A Woman Is a Woman (1961)













"A Woman Is a Woman" is the follow-up piece to "Breathless" from French director Jean-Luc Godard. It's a movie where not much happens and we reflect on how un-complicated life would be if men could have babies.
Billed as a "musical-comedy", the film is very sporadic. Strictly speaking, it isn't a musical—we have a few songs that play in the background and there is some very mild caroling; but that's like saying "Goodfellas" was a musical. As for the comedy part...regrettably it isn't that either—just because it isn't funny.
Angela (Anna Karina) is a stripper with a free and sorrowful heart. She is a complicated character, one that could just be crazy. She confides in a friend that she hates humanity which is why she is willing to strip-tease—not the most ethical job, but it pays the bills.
Her boyfriend Émile (Jean-Claude Brialy) is the anti-Angela. If she is a morose free-spirit then he is a happy pessimist...essentially they balance each other out.
Prone to temper tantrums and fits of not speaking to each other (they will pick books up and use the titles to insult each other), the couple seems like they survive according to their own time.
But then Angela gets the idea that she wants to have a baby—for what reason? We are never really told. Perhaps it's just a burst of maternal instincts; but anyway, the film goes on...
Émile isn't thrilled with the idea of having a child, he wants to get married before they have kids.
Angela, on the other hand, is determined to impregnate herself by the end of the night. She picks up a self-help knickknack, designed to prey on the unsuspecting, that tells her she is her most fertile on this day.
When Émile refuses to do the deed, she flees to a friend Albert (Jean-Paul Belmondo)...a man hopelessly in love with Angela. But he is struck by the oddity of her request and instead he goes out to dinner with Émile.
There is one moment in "A Woman Is a Woman" where Émile and Angela run around town and ask different men to have sex with Angela so she can have a baby...this is one of the better examples of how quirky the movie is.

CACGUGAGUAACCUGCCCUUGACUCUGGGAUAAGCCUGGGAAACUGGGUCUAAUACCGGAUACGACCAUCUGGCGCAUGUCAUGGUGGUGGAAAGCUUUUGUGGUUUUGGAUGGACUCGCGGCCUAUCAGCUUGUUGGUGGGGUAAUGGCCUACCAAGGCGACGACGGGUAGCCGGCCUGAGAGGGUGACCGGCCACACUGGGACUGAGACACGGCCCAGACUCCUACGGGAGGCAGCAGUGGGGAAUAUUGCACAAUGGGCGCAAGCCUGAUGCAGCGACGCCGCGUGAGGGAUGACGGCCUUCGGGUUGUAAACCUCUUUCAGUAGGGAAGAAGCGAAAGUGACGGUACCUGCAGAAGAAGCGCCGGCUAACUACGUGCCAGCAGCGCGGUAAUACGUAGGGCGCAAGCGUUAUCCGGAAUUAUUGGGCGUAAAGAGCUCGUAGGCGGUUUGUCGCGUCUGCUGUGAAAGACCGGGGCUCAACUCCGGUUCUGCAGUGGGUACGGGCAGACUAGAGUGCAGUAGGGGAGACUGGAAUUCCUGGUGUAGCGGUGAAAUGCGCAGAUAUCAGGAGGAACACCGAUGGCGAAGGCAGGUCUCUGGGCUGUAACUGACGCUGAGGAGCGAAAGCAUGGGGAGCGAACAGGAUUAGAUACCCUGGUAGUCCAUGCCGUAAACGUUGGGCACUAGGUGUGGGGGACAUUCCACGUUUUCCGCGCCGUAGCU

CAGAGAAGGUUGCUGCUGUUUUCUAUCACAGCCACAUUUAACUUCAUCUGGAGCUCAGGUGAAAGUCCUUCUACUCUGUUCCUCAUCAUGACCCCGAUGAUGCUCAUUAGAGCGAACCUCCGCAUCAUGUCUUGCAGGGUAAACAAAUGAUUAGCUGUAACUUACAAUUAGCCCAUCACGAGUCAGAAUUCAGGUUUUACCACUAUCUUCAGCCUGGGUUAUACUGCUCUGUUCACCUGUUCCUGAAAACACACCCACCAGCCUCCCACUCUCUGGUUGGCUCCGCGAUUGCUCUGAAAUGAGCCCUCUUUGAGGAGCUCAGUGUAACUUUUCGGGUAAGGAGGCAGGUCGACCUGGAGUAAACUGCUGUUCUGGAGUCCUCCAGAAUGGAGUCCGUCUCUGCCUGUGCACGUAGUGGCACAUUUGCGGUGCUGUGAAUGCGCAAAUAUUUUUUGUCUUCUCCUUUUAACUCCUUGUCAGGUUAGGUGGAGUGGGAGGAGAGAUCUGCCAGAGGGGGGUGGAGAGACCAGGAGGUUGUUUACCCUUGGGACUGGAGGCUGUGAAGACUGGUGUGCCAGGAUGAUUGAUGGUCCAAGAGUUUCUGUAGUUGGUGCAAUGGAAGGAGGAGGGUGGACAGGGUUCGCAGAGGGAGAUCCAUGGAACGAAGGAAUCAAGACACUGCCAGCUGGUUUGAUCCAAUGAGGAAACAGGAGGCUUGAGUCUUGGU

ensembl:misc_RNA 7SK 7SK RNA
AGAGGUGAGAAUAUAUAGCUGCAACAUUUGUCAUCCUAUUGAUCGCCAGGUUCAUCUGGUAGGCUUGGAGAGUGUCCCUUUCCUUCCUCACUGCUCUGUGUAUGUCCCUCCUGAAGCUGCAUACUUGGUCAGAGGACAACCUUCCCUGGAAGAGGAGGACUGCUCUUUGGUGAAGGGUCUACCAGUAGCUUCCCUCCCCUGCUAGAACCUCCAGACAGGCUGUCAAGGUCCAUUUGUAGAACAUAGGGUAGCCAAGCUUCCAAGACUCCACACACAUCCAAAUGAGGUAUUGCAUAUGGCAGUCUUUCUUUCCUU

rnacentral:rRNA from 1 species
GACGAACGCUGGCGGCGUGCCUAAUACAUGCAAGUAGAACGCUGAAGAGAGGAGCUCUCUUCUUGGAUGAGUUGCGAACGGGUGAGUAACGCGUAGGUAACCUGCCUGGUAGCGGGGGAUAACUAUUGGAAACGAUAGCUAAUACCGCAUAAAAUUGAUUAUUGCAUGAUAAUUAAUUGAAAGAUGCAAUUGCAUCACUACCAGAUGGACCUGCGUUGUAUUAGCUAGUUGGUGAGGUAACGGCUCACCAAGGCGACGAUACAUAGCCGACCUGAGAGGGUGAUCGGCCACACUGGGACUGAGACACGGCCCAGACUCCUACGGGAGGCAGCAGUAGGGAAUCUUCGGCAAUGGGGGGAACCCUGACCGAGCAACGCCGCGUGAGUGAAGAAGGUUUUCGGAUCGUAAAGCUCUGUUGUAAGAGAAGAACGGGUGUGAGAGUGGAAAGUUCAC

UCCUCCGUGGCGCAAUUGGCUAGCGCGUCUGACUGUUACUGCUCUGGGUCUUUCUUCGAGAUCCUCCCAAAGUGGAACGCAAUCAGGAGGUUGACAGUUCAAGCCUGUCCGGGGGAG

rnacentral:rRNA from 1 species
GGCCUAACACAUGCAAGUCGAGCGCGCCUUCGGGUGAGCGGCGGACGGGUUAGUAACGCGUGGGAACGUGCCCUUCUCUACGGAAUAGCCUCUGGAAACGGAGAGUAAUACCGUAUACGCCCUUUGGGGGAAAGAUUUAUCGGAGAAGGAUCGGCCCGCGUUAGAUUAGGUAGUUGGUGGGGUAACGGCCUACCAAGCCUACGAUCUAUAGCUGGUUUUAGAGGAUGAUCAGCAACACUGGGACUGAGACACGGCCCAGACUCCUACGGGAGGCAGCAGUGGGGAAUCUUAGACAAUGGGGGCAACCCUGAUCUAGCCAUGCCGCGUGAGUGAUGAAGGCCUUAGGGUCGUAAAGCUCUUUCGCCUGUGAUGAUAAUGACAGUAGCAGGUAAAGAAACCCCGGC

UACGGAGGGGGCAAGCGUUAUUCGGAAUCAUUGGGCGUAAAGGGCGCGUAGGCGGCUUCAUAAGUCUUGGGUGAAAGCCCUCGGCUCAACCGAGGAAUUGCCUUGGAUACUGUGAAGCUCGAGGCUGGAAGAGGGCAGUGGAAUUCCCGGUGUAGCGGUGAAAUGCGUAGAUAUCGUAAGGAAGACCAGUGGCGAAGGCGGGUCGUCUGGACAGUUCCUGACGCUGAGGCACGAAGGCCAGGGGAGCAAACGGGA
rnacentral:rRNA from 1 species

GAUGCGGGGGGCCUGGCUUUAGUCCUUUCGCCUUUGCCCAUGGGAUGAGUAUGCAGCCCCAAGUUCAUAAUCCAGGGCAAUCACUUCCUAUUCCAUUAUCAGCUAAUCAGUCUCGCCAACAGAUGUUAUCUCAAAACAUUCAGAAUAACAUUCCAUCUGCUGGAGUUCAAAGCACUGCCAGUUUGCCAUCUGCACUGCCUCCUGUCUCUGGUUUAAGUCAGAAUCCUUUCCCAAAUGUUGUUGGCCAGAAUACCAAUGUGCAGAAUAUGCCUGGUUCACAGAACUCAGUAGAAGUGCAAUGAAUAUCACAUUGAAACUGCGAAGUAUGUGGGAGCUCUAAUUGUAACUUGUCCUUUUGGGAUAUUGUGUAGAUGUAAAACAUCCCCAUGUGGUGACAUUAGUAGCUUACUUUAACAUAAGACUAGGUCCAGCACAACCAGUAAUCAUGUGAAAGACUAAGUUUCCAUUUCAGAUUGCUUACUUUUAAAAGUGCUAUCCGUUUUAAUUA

The film is rarely heard of, uncommon to be referenced; and it's no wonder why. Godard's film is one of a kind, you can make allusions to several different films; but none would really do it justice.
On this quest to have a baby, we get to see the different shades of Angela...she's not a great woman. Pouty and eager to throw a fit, it seems odd to look at her and then see the movie title. Putting up with Angela is a hassle for both Émile and Albert, who love her equally.
The film isn't a love triangle, nor is a romance of any kind—"A Woman Is a Woman" is just a zany piece of film that reeks of self-importance.
It seems like Godard made the film, just 'cuz.
His self-aggrandizing is off-putting. Albert makes the comment that a meeting better be quick because "Breathless" is coming on television soon and he doesn't want to miss that.
Jean-Luc Godard surrounds himself with bright neon signs that point down to him and scream, "Look at me! I'm important!"
Characters will frequently break the forth wall and talk to the camera, sound is broken apart and fractured, the jump edits are back, and the film overstays its visit. It's not a long movie either, but some scenes are unnecessarily drawn out.
In the breaking of the forth wall, Émile says to the camera that he's not sure if the movie he's in is a comedy or a tragedy...but it is a masterpiece.
"A Woman Is a Woman" is more about the whinny characteristics of Angela than the inner strength of females—I'm not sure why I was expecting that.
Seriously, though, she's really annoying.
As the movie plays out, Angela's motives for wanting the baby are still unexplained...it leaves the viewer thinking that she wants a child as an accessory. There is one scene where the character discuss love; but children are never brought up, so draw your own conclusions from that.
It's a fun movie in its own way...it passed the time; but unlike what Godard might surmise...it is not a masterpiece.







Score: 2 and a half stars out of 4

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